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Re: ATVs
« Reply #111 on: October 06, 2013, 23:09:18 »
Battalions are getting these now.  Conventional ATVs as well as 4 and 6 wheel side-by-sides.

Interesting pieces of kit and, as the norm seems to be, no doctrinal role for them within the Infantry (Army HQ to units - Here is some stuff, figure out what you want to do with it).
"Overall it appears that much of the apparent complexity of modern war stems in practice from the self-imposed complexity of modern HQs" LCol J.P. Storr

Offline Chris Pook

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Re: ATVs
« Reply #112 on: October 07, 2013, 01:36:46 »
With the amount of "stuff" they want to carry, even an ATV might be too small.

We are now looking at a 6X6 'Gator, or perhaps something like a Polaris "Ranger" to carry the gear with a certain amount of reserve.

Of course, once you start going down that road, then there is an accelerating spiral of needing/wanting to carry more kit, bigger vehicles and a bigger logistical tail. I've made a few arguments upthread about perhaps leapfrogging the entire issue and going to a much more capable all terrain/marginal terrain vehicle like the BV 206 or its successors (Viking or Bronco). For fans of retro technology, here is a picture of a '60's vintage MTV which uses wheels rather than tracks, the prototype of the XM 808 "Twister". A vehicle in this configuration (no armoured upper deck, etc.) seems to combine much of the mobility of a BV 206 type vehicle with a much higher road speed. Maybe this is the route we should be looking at.


Jaysus Thuc,

In one paragraph you have managed to get from a vehicle which can be transported with and provide support to a dismounted infantry unit any place in the world to one that needs C-17s and BHSs.

Can we consider working with the minimum requirement instead of the kitchen sink?   ;D

Consider a two-up Quad with a half tonne trailer as the first level prime mover.    You have bigger, more expensive carriers available already.

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Offline Thucydides

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Re: ATVs
« Reply #113 on: October 07, 2013, 20:56:29 »
My arguments for the larger, more capable vehicles is posted upthread here: http://Forums.Army.ca/forums/index.php/topic,96332.msg968241.html#msg968241

It seems to me that the ATV class of vehicles is simply too limited to be more than a specialized niche vehicle, and even some of the arguments posted in this thread can be subsumed into the larger vehicle. Even in the commercial world we see the same evolution happening, each generation of ATV becomes larger and more "capable" to the point that Polaris "Rangers" are only slightly smaller than an Iltis of old.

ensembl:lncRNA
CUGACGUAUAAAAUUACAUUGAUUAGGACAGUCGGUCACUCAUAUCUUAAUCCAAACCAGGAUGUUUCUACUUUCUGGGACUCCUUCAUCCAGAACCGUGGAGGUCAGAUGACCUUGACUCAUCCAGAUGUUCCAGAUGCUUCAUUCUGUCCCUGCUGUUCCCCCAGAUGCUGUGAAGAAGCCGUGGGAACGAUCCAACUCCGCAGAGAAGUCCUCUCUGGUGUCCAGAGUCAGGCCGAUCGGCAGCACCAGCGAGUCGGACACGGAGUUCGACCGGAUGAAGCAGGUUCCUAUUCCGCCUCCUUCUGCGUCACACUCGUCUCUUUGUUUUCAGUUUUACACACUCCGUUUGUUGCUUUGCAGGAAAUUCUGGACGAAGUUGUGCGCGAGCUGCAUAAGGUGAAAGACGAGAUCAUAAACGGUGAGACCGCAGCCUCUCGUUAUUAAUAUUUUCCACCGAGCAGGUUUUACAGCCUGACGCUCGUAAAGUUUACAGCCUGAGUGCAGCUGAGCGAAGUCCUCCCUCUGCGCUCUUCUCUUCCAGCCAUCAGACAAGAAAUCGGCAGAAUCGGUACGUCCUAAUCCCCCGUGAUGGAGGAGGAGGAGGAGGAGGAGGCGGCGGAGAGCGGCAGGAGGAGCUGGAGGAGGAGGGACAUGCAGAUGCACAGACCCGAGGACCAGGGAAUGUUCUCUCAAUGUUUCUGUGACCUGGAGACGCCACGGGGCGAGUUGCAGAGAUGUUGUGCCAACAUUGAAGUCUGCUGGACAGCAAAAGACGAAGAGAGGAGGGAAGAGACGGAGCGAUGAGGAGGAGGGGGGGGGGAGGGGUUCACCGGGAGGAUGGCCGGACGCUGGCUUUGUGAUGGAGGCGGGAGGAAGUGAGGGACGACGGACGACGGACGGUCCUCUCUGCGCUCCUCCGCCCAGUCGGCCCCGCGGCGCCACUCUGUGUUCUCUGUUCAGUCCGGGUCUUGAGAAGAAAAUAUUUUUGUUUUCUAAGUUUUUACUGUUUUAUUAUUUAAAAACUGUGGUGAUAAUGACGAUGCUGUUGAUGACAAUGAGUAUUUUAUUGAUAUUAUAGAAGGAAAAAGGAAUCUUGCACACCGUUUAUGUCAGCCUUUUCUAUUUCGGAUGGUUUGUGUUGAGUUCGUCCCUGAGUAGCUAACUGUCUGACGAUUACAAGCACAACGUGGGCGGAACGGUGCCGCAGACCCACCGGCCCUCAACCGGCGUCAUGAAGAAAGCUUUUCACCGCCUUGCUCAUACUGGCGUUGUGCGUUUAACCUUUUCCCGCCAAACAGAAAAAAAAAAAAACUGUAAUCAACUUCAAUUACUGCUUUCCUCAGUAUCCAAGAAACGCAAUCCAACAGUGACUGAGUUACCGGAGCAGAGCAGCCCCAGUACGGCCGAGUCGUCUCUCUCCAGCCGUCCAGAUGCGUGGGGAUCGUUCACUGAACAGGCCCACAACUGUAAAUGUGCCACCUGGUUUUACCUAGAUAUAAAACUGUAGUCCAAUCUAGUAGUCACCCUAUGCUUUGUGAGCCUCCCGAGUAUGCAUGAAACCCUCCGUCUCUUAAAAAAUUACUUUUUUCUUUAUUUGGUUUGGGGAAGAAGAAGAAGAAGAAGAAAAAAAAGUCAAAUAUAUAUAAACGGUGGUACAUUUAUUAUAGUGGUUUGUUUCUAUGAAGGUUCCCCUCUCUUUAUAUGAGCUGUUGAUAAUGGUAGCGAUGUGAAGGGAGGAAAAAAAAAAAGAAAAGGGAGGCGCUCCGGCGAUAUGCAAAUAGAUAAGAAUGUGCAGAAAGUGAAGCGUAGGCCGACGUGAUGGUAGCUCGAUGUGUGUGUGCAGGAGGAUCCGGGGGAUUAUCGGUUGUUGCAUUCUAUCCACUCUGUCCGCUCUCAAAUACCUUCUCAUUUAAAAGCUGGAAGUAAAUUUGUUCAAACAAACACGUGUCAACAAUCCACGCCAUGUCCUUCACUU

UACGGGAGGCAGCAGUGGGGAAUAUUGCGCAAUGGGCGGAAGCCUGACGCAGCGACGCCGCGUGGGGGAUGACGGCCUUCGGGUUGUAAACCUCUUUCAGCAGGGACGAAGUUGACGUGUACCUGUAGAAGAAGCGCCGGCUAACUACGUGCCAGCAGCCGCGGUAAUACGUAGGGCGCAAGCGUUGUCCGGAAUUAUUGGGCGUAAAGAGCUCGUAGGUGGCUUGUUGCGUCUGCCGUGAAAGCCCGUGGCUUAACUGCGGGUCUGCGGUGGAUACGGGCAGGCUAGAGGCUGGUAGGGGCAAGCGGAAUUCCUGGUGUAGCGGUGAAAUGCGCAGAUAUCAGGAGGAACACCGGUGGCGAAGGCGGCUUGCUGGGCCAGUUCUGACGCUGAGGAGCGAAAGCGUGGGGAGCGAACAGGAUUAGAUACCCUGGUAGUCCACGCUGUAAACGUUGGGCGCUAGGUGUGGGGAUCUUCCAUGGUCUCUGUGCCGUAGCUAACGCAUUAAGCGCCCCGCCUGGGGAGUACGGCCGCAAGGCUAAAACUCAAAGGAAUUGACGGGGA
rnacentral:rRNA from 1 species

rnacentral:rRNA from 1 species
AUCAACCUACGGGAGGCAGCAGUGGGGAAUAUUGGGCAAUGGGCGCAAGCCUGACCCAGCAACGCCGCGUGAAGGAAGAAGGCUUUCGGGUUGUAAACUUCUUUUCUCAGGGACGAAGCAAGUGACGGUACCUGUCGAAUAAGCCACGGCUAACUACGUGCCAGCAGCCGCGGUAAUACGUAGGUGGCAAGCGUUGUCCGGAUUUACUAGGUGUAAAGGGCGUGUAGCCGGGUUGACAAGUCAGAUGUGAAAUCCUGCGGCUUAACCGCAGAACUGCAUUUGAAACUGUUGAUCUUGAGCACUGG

While the XM 808 is certainly overkill (the transmission engineering would impress Rube Goldberg) it occurs to me that one of the drawbacks of the BV-206 and its various successors is low road speed, maybe there is a place for a wheeled BV-206 type vehicle. In any event I'll be happy to see the Army get Bronco's or Vikings, or even dust off the BV 206 fleet and put them back in action.
Dagny, this is not a battle over material goods. It's a moral crisis, the greatest the world has ever faced and the last. Our age is the climax of centuries of evil. We must put an end to it, once and for all, or perish - we, the men of the mind. It was our own guilt. We produced the wealth of the world - but we let our enemies write its moral code.

Offline Chris Pook

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Re: ATVs
« Reply #114 on: October 07, 2013, 21:18:32 »
The ATV photo I posted above carries the entire platoon det (minus the 60mm - the 40mm substitutes (poorly)).

That ATV would increase the fighting power of a dismounted platoon and can be carried by a CH-146 anywhere.

Anything bigger requires more support and more transport and is more restricted in the places it can travel - meaning more distance between the deployed platoon and its support.

"Wyrd bið ful aræd"

"If change isn’t allowed to be a process, it becomes an event." - Penny Mordaunt 10/10/2019

Offline Thucydides

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Re: ATVs
« Reply #115 on: October 08, 2013, 22:05:14 »
Without being too contentious, the ATV can carry the weapon det's "stuff", but not the det itself.

A BV 206 is also airportable (using a Chinook), as well as amphibious, so not only can you fly it in, but it can swim itself into places as well. My argument is mostly based around versatility, the bigger vehicle can (to a certain extent) do more things than an ATV. Fro people who really are into niche (black) roles, maybe the argument for an ATV is stronger than for a BV 206, but for the rest of us, I will submit that sometimes size really does matter.  :)
Dagny, this is not a battle over material goods. It's a moral crisis, the greatest the world has ever faced and the last. Our age is the climax of centuries of evil. We must put an end to it, once and for all, or perish - we, the men of the mind. It was our own guilt. We produced the wealth of the world - but we let our enemies write its moral code.

Offline Chris Pook

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Re: ATVs
« Reply #116 on: October 11, 2013, 20:35:57 »
I've been "out of range" for few days and chomping at the bit to get back to this discussion.